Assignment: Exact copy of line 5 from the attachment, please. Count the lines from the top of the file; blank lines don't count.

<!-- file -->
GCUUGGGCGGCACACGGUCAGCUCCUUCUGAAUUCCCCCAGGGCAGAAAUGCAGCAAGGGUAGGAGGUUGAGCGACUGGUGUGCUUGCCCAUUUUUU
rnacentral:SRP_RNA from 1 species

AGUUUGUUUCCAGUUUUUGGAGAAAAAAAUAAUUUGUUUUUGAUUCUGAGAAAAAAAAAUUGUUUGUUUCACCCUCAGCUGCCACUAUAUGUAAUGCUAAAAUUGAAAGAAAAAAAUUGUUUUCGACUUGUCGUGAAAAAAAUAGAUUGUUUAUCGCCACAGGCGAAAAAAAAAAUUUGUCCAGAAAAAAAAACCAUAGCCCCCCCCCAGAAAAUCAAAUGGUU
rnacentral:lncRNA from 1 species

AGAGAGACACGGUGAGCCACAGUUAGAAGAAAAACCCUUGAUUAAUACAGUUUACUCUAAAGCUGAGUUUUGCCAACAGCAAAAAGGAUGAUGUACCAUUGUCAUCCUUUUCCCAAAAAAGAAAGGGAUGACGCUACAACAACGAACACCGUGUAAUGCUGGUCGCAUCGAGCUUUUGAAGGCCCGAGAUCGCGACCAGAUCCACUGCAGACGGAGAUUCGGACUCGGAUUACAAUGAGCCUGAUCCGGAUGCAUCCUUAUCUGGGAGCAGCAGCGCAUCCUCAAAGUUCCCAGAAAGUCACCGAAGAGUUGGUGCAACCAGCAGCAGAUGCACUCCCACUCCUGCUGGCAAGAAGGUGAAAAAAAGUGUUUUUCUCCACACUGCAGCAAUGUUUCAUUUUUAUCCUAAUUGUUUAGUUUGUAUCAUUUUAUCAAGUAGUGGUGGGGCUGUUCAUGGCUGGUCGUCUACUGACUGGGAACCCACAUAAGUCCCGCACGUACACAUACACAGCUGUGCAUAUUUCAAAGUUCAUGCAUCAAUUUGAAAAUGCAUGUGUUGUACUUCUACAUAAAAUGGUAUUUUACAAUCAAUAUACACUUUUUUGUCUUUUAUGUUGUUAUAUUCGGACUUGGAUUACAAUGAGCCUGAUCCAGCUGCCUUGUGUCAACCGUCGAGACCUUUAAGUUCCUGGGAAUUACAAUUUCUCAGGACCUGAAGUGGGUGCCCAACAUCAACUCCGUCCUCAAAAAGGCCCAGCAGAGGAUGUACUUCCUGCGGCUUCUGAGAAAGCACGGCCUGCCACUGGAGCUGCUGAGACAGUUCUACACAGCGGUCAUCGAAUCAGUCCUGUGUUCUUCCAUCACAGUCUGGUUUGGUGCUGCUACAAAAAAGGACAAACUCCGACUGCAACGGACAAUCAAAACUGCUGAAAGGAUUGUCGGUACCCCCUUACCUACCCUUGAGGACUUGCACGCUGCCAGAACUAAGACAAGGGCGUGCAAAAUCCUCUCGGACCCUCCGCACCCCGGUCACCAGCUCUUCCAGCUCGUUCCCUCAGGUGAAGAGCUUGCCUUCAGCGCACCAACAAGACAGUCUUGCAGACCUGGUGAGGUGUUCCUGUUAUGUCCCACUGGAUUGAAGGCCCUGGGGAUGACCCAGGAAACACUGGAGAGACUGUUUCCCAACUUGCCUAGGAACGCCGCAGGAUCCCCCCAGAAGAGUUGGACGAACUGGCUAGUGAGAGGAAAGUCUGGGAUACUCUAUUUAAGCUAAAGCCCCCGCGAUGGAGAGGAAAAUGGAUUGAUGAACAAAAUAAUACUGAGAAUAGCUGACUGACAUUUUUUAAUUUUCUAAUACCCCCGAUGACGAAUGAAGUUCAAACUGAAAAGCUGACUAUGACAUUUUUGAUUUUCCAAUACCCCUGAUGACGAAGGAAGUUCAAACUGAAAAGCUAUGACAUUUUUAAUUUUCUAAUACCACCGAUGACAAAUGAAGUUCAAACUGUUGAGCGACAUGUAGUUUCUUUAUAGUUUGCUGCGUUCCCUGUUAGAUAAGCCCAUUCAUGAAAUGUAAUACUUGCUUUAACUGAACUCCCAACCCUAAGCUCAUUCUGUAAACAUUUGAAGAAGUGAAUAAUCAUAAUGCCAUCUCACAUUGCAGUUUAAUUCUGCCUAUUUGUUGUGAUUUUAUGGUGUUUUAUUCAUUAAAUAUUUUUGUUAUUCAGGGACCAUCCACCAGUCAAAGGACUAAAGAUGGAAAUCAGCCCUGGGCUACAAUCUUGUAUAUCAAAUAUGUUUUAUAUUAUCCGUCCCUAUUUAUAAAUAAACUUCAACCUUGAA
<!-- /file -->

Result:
AGAGAGACACGGUGAGCCACAGUUAGAAGAAAAACCCUUGAUUAAUACAGUUUACUCUAAAGCUGAGUUUUGCCAACAGCAAAAAGGAUGAUGUACCAUUGUCAUCCUUUUCCCAAAAAAGAAAGGGAUGACGCUACAACAACGAACACCGUGUAAUGCUGGUCGCAUCGAGCUUUUGAAGGCCCGAGAUCGCGACCAGAUCCACUGCAGACGGAGAUUCGGACUCGGAUUACAAUGAGCCUGAUCCGGAUGCAUCCUUAUCUGGGAGCAGCAGCGCAUCCUCAAAGUUCCCAGAAAGUCACCGAAGAGUUGGUGCAACCAGCAGCAGAUGCACUCCCACUCCUGCUGGCAAGAAGGUGAAAAAAAGUGUUUUUCUCCACACUGCAGCAAUGUUUCAUUUUUAUCCUAAUUGUUUAGUUUGUAUCAUUUUAUCAAGUAGUGGUGGGGCUGUUCAUGGCUGGUCGUCUACUGACUGGGAACCCACAUAAGUCCCGCACGUACACAUACACAGCUGUGCAUAUUUCAAAGUUCAUGCAUCAAUUUGAAAAUGCAUGUGUUGUACUUCUACAUAAAAUGGUAUUUUACAAUCAAUAUACACUUUUUUGUCUUUUAUGUUGUUAUAUUCGGACUUGGAUUACAAUGAGCCUGAUCCAGCUGCCUUGUGUCAACCGUCGAGACCUUUAAGUUCCUGGGAAUUACAAUUUCUCAGGACCUGAAGUGGGUGCCCAACAUCAACUCCGUCCUCAAAAAGGCCCAGCAGAGGAUGUACUUCCUGCGGCUUCUGAGAAAGCACGGCCUGCCACUGGAGCUGCUGAGACAGUUCUACACAGCGGUCAUCGAAUCAGUCCUGUGUUCUUCCAUCACAGUCUGGUUUGGUGCUGCUACAAAAAAGGACAAACUCCGACUGCAACGGACAAUCAAAACUGCUGAAAGGAUUGUCGGUACCCCCUUACCUACCCUUGAGGACUUGCACGCUGCCAGAACUAAGACAAGGGCGUGCAAAAUCCUCUCGGACCCUCCGCACCCCGGUCACCAGCUCUUCCAGCUCGUUCCCUCAGGUGAAGAGCUUGCCUUCAGCGCACCAACAAGACAGUCUUGCAGACCUGGUGAGGUGUUCCUGUUAUGUCCCACUGGAUUGAAGGCCCUGGGGAUGACCCAGGAAACACUGGAGAGACUGUUUCCCAACUUGCCUAGGAACGCCGCAGGAUCCCCCCAGAAGAGUUGGACGAACUGGCUAGUGAGAGGAAAGUCUGGGAUACUCUAUUUAAGCUAAAGCCCCCGCGAUGGAGAGGAAAAUGGAUUGAUGAACAAAAUAAUACUGAGAAUAGCUGACUGACAUUUUUUAAUUUUCUAAUACCCCCGAUGACGAAUGAAGUUCAAACUGAAAAGCUGACUAUGACAUUUUUGAUUUUCCAAUACCCCUGAUGACGAAGGAAGUUCAAACUGAAAAGCUAUGACAUUUUUAAUUUUCUAAUACCACCGAUGACAAAUGAAGUUCAAACUGUUGAGCGACAUGUAGUUUCUUUAUAGUUUGCUGCGUUCCCUGUUAGAUAAGCCCAUUCAUGAAAUGUAAUACUUGCUUUAACUGAACUCCCAACCCUAAGCUCAUUCUGUAAACAUUUGAAGAAGUGAAUAAUCAUAAUGCCAUCUCACAUUGCAGUUUAAUUCUGCCUAUUUGUUGUGAUUUUAUGGUGUUUUAUUCAUUAAAUAUUUUUGUUAUUCAGGGACCAUCCACCAGUCAAAGGACUAAAGAUGGAAAUCAGCCCUGGGCUACAAUCUUGUAUAUCAAAUAUGUUUUAUAUUAUCCGUCCCUAUUUAUAAAUAAACUUCAACCUUGAA